Gerhardt (2011)

From Copyright EVIDENCE

Advertising Architectural Publishing of books, periodicals and other publishing Programming and broadcasting Computer programming Computer consultancy Creative, arts and entertainment Cultural education

Film and motion pictures Sound recording and music publishing Photographic activities PR and communication Software publishing (including video games) Specialised design Television programmes Translation and interpretation

1. Relationship between protection (subject matter/term/scope) and supply/economic development/growth/welfare 2. Relationship between creative process and protection - what motivates creators (e.g. attribution; control; remuneration; time allocation)? 3. Harmony of interest assumption between authors and publishers (creators and producers/investors) 4. Effects of protection on industry structure (e.g. oligopolies; competition; economics of superstars; business models; technology adoption) 5. Understanding consumption/use (e.g. determinants of unlawful behaviour; user-generated content; social media)

A. Nature and Scope of exclusive rights (hyperlinking/browsing; reproduction right) B. Exceptions (distinguish innovation and public policy purposes; open-ended/closed list; commercial/non-commercial distinction) C. Mass digitisation/orphan works (non-use; extended collective licensing) D. Licensing and Business models (collecting societies; meta data; exchanges/hubs; windowing; crossborder availability) E. Fair remuneration (levies; copyright contracts) F. Enforcement (quantifying infringement; criminal sanctions; intermediary liability; graduated response; litigation and court data; commercial/non-commercial distinction; education and awareness)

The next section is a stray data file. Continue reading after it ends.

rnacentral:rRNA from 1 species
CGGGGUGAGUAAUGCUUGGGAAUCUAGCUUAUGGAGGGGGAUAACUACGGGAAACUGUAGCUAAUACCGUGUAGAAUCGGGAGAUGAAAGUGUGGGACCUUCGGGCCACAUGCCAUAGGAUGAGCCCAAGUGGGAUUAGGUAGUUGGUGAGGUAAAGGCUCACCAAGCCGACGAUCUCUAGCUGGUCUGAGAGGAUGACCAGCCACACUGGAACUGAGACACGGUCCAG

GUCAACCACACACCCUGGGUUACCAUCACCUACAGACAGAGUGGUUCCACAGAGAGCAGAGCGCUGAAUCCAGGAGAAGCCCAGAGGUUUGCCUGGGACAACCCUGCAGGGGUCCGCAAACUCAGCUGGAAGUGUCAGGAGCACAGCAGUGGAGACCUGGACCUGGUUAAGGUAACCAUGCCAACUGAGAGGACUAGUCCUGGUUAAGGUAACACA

Source Details

Gerhardt (2011)
Title: Copyright Publication: an Empirical Study
Author(s): Gerhardt, D.
Year: 2011
Citation: Gerhardt, D. R. (2011). Copyright publication: an empirical study. Notre Dame Law Review, 87(1).
Link(s): Definitive , Open Access
Key Related Studies:
Discipline:
Linked by:
About the Data
Data Description: Cases were selected by (1) reviewing U.S.C.A. note references to the copyright statutes that mention “publish” or “publication,” (2) reviewing references in copyright texts, law review articles, and treatises, and (3) conducting keyword searches through LEXIS and Westlaw. 446 cases were selected of over 800 reviewed.
Data Type: Primary data
Secondary Data Sources:
Data Collection Methods:
Data Analysis Methods:
Industry(ies):
Country(ies):
Cross Country Study?: No
Comparative Study?: No
Literature review?: No
Government or policy study?: No
Time Period(s) of Collection:
  • Not stated
Funder(s):
  • None stated

Abstract